I was an uncooperative interview once.
It was during the first Gulf War. A local TV station called the screen print operation that I worked for, and asked if they could come by and ask about the kinds of shirts we were printing (there were a lot of flags and eagles and things on them)
Turns out they already knew how they wanted the interview to go- the interviewer, who was pretty young and maybe not well experienced in hiding his ideas, kept asking questions that smacked of the term ‘war profiteering’. I can occasionally talk pretty well for myself, and wasn’t going to be led around into saying something that put us into false light.
When the clumsy interviewer asked why we switched from printing shirts for family reunions and church logos to printing shirts with lots of eagles and flags, I dumped it right back in his lap. “Because that’s what customers come in and pay to have printed. I’m not going to tell them they have to order anything other than what they’ve come for, am I? Yes, it’d be nice if they were coming in for FedEx company picnic shirts, but instead, a lot of customers have come in to have shirts supporting the troops printed. What should we print, then?” Of course, the young TV interviewer knew we were supplying our own Tshirt stores, too. I neatly said the same kind of thing. “If customers come to the store for T-shirts with pegasus or unicorns on them, that’s what they can have. If they come for shirts that say “I support the troops”, they can have that, too. We’ll make sure we have whatever designs the public comes in asking for.”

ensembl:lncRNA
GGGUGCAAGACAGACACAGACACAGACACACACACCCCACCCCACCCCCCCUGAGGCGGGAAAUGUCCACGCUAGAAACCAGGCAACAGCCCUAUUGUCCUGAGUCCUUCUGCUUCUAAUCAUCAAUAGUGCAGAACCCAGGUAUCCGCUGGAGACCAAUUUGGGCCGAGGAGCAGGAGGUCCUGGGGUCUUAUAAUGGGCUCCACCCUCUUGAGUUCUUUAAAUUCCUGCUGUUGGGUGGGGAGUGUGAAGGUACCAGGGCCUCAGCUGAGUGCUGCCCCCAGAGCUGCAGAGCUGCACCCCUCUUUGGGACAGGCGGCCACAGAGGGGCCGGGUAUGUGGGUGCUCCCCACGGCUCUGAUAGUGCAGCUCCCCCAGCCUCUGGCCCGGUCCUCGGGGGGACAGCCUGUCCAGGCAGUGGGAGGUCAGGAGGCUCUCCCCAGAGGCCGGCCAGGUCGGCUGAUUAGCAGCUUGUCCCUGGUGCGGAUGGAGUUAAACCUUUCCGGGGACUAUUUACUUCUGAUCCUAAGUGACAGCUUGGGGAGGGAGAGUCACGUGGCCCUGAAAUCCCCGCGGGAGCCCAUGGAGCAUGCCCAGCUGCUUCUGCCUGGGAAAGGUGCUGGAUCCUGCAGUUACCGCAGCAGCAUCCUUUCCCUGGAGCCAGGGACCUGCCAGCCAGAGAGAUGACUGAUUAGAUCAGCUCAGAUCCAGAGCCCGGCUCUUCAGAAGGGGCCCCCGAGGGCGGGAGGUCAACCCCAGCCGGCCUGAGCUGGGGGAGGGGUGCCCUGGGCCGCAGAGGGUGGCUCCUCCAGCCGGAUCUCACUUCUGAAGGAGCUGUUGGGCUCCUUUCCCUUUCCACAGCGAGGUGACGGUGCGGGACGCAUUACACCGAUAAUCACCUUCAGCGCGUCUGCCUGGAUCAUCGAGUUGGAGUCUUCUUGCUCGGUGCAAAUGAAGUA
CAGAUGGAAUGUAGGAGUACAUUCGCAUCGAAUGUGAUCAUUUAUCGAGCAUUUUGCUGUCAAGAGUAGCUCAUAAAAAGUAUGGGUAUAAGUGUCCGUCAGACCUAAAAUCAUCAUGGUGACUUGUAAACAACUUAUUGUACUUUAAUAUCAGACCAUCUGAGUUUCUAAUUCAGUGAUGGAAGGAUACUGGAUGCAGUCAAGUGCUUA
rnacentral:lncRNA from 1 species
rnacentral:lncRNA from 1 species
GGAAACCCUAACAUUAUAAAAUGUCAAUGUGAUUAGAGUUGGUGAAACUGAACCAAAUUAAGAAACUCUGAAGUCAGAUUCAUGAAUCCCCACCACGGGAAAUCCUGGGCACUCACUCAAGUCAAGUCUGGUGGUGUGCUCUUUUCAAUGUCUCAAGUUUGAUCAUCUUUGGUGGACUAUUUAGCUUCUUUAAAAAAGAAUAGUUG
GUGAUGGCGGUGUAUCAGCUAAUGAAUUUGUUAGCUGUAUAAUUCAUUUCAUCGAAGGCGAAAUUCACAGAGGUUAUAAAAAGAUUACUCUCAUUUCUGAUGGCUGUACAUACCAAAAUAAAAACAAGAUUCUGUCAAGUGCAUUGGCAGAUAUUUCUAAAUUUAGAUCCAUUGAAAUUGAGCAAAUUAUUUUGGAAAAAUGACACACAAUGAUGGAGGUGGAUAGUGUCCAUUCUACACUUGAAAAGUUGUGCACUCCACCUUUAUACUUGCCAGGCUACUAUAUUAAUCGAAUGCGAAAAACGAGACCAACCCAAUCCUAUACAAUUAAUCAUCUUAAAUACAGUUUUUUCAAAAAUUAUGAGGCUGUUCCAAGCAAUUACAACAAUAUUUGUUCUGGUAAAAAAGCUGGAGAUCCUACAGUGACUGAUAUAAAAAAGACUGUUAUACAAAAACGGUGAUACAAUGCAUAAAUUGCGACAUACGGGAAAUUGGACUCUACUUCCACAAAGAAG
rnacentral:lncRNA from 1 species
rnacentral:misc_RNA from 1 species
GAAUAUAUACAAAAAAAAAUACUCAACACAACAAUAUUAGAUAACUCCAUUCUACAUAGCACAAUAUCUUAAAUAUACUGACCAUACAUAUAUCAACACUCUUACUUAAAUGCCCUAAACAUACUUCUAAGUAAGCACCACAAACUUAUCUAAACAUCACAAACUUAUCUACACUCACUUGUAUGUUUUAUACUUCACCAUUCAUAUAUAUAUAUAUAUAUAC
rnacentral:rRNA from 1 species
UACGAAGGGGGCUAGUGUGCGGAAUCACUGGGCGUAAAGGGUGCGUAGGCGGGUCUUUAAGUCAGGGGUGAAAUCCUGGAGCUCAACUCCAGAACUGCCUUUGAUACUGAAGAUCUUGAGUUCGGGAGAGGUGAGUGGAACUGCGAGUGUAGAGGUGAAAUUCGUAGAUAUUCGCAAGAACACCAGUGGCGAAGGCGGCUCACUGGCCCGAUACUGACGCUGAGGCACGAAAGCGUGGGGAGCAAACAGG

The interviewer left pretty miffed. Mostly, I think, because he wasn’t very good at his job. There may have been a story there, but it wasn’t the one he’d imagined (or sold his editor on?) We weren’t gleefully rubbing our hands together saying, “Oh ho ho ho! Let’s take advantage of this war by selling more T-shirts than usual! Mwuhuhuhuhuhuhuhhhhhh!”
I dunno. Makes you wonder how the TV guy thought stores work.